What to do if bitten

Gates Pass is rattlesnake country!

While rattlesnakes are part of life in Arizona, following two simple rules will prevent almost all bites: 1. Look before you step or reach (includes using a flashlight in the dark) and 2. Leave rattlesnakes alone when you encounter them. Despite their reputation, these creatures want nothing to do with something our size but will quickly bite defensively when bothered.

     So, what should you do if someone is bitten by a rattlesnake? It’s simple: go to a hospital emergency room without delay. The only effective treatment is antivenom and first aid measures only waste time. Tissue damage begins immediately when the venom is injected and antivenom cannot repair damage, it can only neutralize venom before it finds its target tissue.

     In GPANA’s area, I would call 9-1-1 since paramedics will get you safely through traffic to an appropriate hospital. In Tucson, I would prefer to be treated at Banner-University Medical Center (1625 N. Campbell Avenue, just north of Speedway; follow signs to “Emergency”). It is not only a Level-I Trauma Center but is home to the Arizona Poison and Drug Information Center with true envenomation experts who managed the clinical trials for both rattlesnake antivenoms currently licensed by the FDA. In fact, you can always call the Poison Center with questions at 800-222-1222 or check out their website at azpoison.com.


Mike Cardwell, MS

Adjunct Researcher, San Diego State University

Consulting Biologist, AZ Poison and Drug Information Center

Feliz Paseos Park and Leash Laws: Did You Know?

Dog owners! Fines can be quite steep for running your dog unleashed and/or neglecting to pick up after your dog in public areas. Please read the attached doc so you can stay informed. Click Here.

AZ Native and Exotic Toxic Plants

Board Member Tony Knight is a Veterinarian and Pima County Master Gardener. He shares with us an informative article he wrote for "The Plant Press," a publication of the The Arizona Native Plant Society. Read it here!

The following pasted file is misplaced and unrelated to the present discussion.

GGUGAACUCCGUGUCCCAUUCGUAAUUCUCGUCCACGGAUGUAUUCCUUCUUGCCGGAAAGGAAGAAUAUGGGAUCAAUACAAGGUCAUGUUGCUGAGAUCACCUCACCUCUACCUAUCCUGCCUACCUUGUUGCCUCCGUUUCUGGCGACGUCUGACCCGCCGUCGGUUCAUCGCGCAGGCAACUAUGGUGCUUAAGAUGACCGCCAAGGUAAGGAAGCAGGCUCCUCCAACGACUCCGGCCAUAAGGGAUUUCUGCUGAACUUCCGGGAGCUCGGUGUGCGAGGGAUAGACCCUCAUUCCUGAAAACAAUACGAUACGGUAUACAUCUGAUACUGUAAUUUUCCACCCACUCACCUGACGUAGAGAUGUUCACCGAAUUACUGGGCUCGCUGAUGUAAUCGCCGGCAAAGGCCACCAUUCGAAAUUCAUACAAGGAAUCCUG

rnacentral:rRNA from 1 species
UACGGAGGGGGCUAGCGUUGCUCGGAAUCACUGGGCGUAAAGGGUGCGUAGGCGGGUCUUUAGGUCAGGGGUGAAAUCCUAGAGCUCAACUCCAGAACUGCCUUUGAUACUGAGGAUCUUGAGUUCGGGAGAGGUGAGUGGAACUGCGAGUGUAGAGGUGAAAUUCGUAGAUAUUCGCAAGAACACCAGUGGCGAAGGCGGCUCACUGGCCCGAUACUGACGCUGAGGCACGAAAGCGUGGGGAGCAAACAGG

Tips to improve internet service in our area

GPANA president Denise Garland shares her experience on how she and her husband were able to improve internet service for their home on Tucson's westside:

Many of us have experienced unreliable and poor internet speed. Recently my husband and I researched new providers (other than what we had with CenturyLink). We settled on T-Mobile, which I am not telling you to go with, but instead I learned some tips to help you find an internet provider that is best for you. I am not an expert, but hope the information I am sharing will help. Please check out the following tips, and good luck!!

1. Make time to call multiple internet providers. Many of them do not have current information on their websites. We found that was the case with T-Mobile. When we called, despite the website saying they could not help us, they told us on the phone they could.

2. Ask the providers about how they give you internet. 5G towers are the best now. Ask about where the closest towers are (line of site) for your location. If you can't see the towers from your house you may not get a strong signal.

3. If you get a poor signal when you change providers ask about buying and installing an external antenna. Some providers will not be able to sell or install an external antenna, but we found that Wave Form makes a 2x2 Mimo External Panel Antenna. This antenna was a major project to install on our roof, but we now have AMAZING upload and download speeds.

4. Ask questions. If you don't get good customer service or a low price, move on to another company. It's a competitive, ever changing industry.

Denise Garland, President, GPANA

Dangerously Venomous Animals
Member Mike Cardwell, a well known rattlesnake expert, has written an informative summary on the venomous animals found in the Tucson Mountains. A reminder for long-time residents, but important reading for new residents not familiar with our local critters. Please share with new neighbors. Click the image below to be taken to the full story and print for future reference.

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Wildlife Neighbors, Tucson Mountains

Our wildlife neighbors are an interesting and diverse bunch of creatures. They adapted to life in these arid lands long before we arrived. See the links below for what you can expect to see in our Sonoran Desert.

Amphibians and reptiles of the Tucson Mountains, AZ

Birds of the Tucson Mountains, AZ

Mammals of the Tucson Mountains, AZ